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Emma Rendel:

An Awkwardist

Emma Rendel has coined the term "awkwardist". Social awkwardness, repressed drives, and their sometimes sinister repercussions, lie at the heart of all her cautionary graphic short stories. A daughter of a Finnish mother and Swedish father, born and raised in Uppsala, Sweden, Rendel might never have applied her art to the comics medium if she hadn’t been given free rein to experiment with it in Le Gun magazine while studying in London at the Royal College of Art. This spurred her to self-publish The Awkwardists, tales involving odd animal-headed misfits losing themselves in outer space and in a familiar amusement park, tapping into her "huge hang-up" on Walt Disney’s creature-human hybrids.

Prior to this, her main endeavour was a trilogy of facsimile diaries from the scratchy, scary pen of Deathgirl, an isolated adolescent whose rabbit head is seething with her unrequited hormones and her compulsion to harm and mutilate. The intimate entries we read disclose her interior delusions and depressions, whereas the images on the opposite pages counterpoint her unsettling external reality as her head gradually becomes more humanoid. In no way autobiographical, Rendel insists, these journals end with Deathgirl’s doting, dotty parents buying her a flat-pack Ikea coffin.

Rendel has re-drawn all three picture books for her debut book from Jonathan Cape, Pentti & Deathgirl. For her new tragi-comedy Pentti, she draws on two of her deepest Finnish influences, film-director Aki Kaurismäki and Tove Jansson, the woman behind the Moomins, especially her vividly detailed textures and landscapes. Pentti is a closeted farmboy who starts drunken brawls with the men he fancies, to him the only acceptable way for men to touch each other. Aroused by such close physical contact, he leaves his number with his victim but is let down again when a phone call from him never comes. Pentti’s repression and guilt warp into violence against two neighbouring farmers whom he spies in their lovenest, only the latest targets of his killings which his loyal brother helps him to bury.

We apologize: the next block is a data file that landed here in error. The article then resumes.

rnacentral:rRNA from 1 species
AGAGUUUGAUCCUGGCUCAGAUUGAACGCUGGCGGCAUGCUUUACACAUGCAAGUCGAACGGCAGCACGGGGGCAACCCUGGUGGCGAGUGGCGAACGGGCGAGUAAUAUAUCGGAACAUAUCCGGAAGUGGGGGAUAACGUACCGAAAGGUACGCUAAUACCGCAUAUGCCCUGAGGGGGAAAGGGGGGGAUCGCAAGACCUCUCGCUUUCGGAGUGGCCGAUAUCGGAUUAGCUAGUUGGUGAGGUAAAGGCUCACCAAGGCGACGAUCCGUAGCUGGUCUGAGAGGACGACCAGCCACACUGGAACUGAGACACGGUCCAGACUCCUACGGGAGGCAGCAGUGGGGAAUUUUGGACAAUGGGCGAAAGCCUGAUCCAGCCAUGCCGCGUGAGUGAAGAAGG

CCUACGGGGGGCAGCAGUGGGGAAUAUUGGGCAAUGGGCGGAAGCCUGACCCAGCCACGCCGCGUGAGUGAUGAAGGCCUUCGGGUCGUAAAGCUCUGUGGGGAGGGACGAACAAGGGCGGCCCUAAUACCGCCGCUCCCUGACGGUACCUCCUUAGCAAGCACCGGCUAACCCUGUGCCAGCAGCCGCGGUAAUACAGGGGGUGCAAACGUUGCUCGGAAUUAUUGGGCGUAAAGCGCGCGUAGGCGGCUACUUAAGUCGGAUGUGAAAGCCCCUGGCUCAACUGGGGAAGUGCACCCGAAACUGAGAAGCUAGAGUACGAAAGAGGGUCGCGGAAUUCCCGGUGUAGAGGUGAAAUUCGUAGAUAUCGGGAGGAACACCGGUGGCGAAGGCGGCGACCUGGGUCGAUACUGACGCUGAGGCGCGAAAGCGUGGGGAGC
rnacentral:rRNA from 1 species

Rendel plays here with common Swedish misperceptions of Finns as taciturn, boozy and aggressive, and with traditional ideas of manliness, making arms, legs, buttocks exaggeratedly muscular, while hands, feet and ears are tiny, the torso like a barrel, the penis always visible. These distortions subvert the cocky confidence of Tom of Finland’s macho gay icons and more generally challenge the rituals which society expects men to adopt. All of Rendel’s painfully "awkwardist" characters expose how society’s rules can trap anyone in cycles of conformity and self-denial.

Below is my interview with Emma conducted in December 2008.

Paul Gravett:
You were born in Uppsala, Sweden. Can you describe this place, the landscape, people, please? How long did you live there?

Emma Rendel:
I lived in Uppsala until I was 19 and moved away from home. It is a small, flat university town, the oldest university in Sweden. Bergman’s film Fanny and Alexander is set and shot there. The headline in the local paper on a typical day: Car crashes, no one is hurt.

What were some of the specifically Swedish and local influences on your imagination and creativity? Not just from comics or illustration , but from other artforms, the people, culture and landscape perhaps?